• On a related note, the small illustration of the place setting on the title page is quite possibly one of my favorites in the book. The bowl of rice and the way the salmon looks on the plate – wow, it was like looking at one of my mom’s dinners. She uses different vegetables so those threw me off for a second, but our community isn’t a monolith by any means. Also, I wondered briefly if the vegetables were sort of an allusion to the USian food served in the camps (in retrospect, I doubt this is the case). At any rate, the placement of this illustration, right at the front of the book, was like a “welcome home” signal to me and definitely shaped my overall experience of the book as a familiar, homecoming-type space of engagement. (See how much difference one small illustration can make? This is why it’s important for #ownvoices artists to illustrate culturally specific stories.)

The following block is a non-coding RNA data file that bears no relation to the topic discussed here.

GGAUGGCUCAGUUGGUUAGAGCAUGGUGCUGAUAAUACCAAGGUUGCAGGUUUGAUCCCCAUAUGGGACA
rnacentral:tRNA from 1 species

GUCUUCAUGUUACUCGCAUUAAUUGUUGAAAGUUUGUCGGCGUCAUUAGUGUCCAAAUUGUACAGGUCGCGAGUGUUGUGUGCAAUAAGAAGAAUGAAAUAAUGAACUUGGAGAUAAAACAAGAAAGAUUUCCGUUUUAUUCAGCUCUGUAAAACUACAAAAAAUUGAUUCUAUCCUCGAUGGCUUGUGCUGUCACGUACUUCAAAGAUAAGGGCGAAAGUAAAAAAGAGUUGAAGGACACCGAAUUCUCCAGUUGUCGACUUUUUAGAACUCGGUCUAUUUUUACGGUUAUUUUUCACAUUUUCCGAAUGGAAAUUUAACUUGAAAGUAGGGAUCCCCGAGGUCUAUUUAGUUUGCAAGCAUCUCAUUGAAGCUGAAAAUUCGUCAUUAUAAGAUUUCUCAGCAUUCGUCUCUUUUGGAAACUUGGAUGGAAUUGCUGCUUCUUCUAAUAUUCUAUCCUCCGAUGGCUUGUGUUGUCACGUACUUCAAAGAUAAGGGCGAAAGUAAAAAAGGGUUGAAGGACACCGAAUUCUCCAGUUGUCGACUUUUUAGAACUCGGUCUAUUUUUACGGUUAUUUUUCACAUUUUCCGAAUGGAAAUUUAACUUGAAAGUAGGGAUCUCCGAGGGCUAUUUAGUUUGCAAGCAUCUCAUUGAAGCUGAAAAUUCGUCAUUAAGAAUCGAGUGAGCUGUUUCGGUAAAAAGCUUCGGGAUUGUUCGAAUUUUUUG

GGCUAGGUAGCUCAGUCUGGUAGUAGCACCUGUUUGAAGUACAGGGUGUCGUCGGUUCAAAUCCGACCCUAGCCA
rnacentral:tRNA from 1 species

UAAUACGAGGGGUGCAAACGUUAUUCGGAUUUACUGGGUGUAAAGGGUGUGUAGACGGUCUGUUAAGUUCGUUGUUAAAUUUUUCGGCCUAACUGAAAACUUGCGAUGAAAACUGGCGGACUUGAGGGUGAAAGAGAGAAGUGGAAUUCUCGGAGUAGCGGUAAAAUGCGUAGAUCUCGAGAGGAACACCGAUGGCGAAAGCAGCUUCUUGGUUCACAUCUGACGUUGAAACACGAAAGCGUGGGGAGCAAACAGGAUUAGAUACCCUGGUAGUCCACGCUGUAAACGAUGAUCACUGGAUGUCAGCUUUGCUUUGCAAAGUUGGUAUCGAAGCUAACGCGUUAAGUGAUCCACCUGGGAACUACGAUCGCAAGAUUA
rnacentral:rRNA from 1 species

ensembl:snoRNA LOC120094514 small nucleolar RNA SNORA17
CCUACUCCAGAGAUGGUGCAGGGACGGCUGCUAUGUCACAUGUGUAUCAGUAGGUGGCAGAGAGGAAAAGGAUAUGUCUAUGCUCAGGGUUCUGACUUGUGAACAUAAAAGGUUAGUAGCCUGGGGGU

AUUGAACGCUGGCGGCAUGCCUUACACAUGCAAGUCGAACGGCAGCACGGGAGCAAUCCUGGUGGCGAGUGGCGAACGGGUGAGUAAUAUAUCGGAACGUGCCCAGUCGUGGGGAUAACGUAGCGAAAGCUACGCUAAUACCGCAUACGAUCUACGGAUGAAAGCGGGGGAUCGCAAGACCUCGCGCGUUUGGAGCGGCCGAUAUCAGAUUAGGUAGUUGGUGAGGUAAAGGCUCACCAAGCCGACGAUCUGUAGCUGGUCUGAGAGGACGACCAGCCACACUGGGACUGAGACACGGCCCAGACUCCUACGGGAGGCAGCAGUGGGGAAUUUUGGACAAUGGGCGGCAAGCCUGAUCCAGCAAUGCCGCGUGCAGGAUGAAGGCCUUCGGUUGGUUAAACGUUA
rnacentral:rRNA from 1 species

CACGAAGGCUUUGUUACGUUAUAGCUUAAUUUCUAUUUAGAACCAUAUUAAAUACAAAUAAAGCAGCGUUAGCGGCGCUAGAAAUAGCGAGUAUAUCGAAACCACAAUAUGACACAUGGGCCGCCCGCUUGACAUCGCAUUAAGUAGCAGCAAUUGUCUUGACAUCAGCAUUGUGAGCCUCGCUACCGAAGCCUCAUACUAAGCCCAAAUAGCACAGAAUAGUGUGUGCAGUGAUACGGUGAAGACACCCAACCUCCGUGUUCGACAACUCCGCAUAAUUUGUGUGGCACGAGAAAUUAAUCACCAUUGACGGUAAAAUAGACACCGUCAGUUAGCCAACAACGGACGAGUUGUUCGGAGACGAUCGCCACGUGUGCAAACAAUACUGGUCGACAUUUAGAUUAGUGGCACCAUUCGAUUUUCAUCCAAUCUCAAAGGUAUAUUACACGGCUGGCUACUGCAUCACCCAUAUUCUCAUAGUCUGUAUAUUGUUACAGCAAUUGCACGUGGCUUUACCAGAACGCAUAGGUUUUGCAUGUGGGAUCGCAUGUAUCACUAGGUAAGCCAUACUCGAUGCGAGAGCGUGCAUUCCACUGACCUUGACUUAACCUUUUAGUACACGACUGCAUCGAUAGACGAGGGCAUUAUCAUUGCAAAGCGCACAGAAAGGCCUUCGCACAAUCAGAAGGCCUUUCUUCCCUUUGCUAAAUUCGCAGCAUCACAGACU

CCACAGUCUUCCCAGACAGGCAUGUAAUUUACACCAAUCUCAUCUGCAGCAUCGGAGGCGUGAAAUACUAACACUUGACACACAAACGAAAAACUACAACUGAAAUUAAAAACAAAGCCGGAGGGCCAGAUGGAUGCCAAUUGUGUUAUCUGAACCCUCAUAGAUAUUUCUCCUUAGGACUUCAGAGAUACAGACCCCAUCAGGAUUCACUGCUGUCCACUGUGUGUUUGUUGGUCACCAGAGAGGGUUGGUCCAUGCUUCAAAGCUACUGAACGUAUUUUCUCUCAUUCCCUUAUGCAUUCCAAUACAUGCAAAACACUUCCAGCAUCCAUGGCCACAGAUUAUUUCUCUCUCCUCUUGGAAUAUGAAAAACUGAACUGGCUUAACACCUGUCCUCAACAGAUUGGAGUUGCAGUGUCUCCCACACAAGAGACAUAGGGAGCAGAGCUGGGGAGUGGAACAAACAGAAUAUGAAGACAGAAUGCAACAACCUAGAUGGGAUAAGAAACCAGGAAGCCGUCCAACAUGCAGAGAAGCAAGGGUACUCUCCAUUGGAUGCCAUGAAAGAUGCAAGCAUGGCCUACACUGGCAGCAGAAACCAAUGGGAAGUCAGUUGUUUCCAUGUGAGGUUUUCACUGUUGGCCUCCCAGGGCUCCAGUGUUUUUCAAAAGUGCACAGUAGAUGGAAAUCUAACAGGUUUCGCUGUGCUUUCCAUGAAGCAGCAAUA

• The double-page illustration depicting the family at dinner and the FBI at the door was so striking, thanks to Yamasaki’s use of steam from the tea as a visual transition from inside to outside. Not only was the depiction of evening tea itself a very Japanese moment, but I also interpreted Yamasaki’s choice of steam/smoke as an allusion to multiple major events in Japanese/Nikkei history. Interestingly, the first thing I thought of was the mushroom cloud over Hiroshima, which in retrospect I wondered about because it is not directly part of the story. I also thought of photographs showing smoke rising from bombed US ships at Pearl Harbor, which seems rather more fitting because this is also the historical moment captured in the illustration. It would be cool to read a Nikkei writer interviewing Yamasaki about the imagery selected for this book and whether she envisioned particular interpretations or emotions on the part of the audience.